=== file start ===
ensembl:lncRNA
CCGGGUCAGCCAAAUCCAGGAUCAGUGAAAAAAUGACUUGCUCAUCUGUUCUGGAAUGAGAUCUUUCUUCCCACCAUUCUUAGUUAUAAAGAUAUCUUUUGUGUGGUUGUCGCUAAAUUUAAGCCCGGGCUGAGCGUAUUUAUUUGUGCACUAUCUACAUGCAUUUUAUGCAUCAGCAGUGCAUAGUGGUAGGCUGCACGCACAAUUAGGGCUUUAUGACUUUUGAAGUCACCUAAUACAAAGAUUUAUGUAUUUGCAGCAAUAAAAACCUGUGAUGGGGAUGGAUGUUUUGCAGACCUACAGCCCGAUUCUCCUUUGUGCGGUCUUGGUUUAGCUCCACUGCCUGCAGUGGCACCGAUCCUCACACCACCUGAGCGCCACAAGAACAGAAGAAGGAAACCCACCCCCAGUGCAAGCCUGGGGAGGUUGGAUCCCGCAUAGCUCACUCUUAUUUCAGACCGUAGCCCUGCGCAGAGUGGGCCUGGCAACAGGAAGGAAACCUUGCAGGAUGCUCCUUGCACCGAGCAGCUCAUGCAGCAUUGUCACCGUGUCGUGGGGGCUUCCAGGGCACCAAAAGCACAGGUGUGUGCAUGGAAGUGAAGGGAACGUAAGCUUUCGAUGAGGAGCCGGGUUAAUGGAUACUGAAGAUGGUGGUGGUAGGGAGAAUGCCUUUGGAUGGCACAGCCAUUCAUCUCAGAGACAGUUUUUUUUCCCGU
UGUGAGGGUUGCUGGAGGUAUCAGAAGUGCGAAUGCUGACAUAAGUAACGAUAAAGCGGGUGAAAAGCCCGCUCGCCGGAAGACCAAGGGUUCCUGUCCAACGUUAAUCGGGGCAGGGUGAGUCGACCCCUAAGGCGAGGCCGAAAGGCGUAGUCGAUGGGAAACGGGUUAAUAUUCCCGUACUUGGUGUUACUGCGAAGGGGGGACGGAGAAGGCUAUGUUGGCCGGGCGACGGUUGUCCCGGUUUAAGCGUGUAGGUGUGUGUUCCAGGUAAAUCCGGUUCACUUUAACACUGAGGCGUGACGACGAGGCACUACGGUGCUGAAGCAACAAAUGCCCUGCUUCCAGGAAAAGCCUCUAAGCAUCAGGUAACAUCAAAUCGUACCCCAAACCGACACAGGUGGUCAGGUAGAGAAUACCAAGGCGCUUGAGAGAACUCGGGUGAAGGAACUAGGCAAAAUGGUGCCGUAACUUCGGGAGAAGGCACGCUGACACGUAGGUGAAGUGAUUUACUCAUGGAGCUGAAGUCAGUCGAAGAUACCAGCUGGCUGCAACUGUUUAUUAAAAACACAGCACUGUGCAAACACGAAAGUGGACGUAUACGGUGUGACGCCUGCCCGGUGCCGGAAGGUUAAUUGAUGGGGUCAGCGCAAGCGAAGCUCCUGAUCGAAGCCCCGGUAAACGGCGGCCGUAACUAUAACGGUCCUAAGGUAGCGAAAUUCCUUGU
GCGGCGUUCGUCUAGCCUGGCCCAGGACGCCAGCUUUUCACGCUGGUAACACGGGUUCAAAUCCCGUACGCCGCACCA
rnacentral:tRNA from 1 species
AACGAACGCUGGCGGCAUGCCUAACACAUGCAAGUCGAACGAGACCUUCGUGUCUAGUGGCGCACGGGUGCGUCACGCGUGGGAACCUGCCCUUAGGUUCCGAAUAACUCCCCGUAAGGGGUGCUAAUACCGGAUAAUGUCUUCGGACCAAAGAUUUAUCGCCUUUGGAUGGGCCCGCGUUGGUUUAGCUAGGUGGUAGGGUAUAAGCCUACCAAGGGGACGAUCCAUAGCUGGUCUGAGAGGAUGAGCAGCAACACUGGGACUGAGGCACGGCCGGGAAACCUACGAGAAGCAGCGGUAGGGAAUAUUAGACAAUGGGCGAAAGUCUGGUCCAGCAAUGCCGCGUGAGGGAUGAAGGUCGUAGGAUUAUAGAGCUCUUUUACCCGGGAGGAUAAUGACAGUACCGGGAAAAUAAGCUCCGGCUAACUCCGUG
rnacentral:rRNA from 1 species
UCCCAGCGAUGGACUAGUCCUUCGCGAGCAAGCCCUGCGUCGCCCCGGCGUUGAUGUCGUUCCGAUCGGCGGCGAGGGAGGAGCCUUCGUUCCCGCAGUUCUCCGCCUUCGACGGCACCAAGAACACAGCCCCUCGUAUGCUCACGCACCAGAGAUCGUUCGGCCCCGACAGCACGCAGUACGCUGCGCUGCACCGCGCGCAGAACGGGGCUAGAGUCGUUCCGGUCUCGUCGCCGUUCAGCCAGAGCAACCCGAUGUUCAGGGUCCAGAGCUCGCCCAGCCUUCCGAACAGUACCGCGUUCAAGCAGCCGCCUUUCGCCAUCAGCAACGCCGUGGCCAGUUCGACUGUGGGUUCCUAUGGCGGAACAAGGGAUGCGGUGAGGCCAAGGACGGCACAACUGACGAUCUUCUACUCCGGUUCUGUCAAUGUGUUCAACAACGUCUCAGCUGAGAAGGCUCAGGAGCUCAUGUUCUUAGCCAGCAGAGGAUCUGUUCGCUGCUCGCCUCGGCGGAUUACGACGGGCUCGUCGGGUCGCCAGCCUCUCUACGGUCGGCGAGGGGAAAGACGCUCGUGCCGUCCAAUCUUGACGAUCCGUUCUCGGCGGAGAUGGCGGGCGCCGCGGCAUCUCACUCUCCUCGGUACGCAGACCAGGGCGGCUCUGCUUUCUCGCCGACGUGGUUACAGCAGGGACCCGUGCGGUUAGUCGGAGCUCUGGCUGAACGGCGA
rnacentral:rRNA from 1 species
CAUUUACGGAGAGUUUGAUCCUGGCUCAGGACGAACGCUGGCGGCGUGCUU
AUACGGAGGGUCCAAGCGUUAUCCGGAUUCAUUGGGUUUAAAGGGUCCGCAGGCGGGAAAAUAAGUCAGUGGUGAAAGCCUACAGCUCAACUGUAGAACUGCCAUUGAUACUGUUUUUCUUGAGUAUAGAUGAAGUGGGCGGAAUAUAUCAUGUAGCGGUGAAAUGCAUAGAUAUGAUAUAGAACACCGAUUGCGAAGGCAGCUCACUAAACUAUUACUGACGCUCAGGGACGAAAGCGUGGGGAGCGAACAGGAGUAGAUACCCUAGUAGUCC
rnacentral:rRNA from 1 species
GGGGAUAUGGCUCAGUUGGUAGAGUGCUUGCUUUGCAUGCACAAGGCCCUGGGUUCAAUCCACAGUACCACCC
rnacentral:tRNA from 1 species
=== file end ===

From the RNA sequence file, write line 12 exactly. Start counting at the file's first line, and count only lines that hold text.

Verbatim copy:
rnacentral:rRNA from 1 species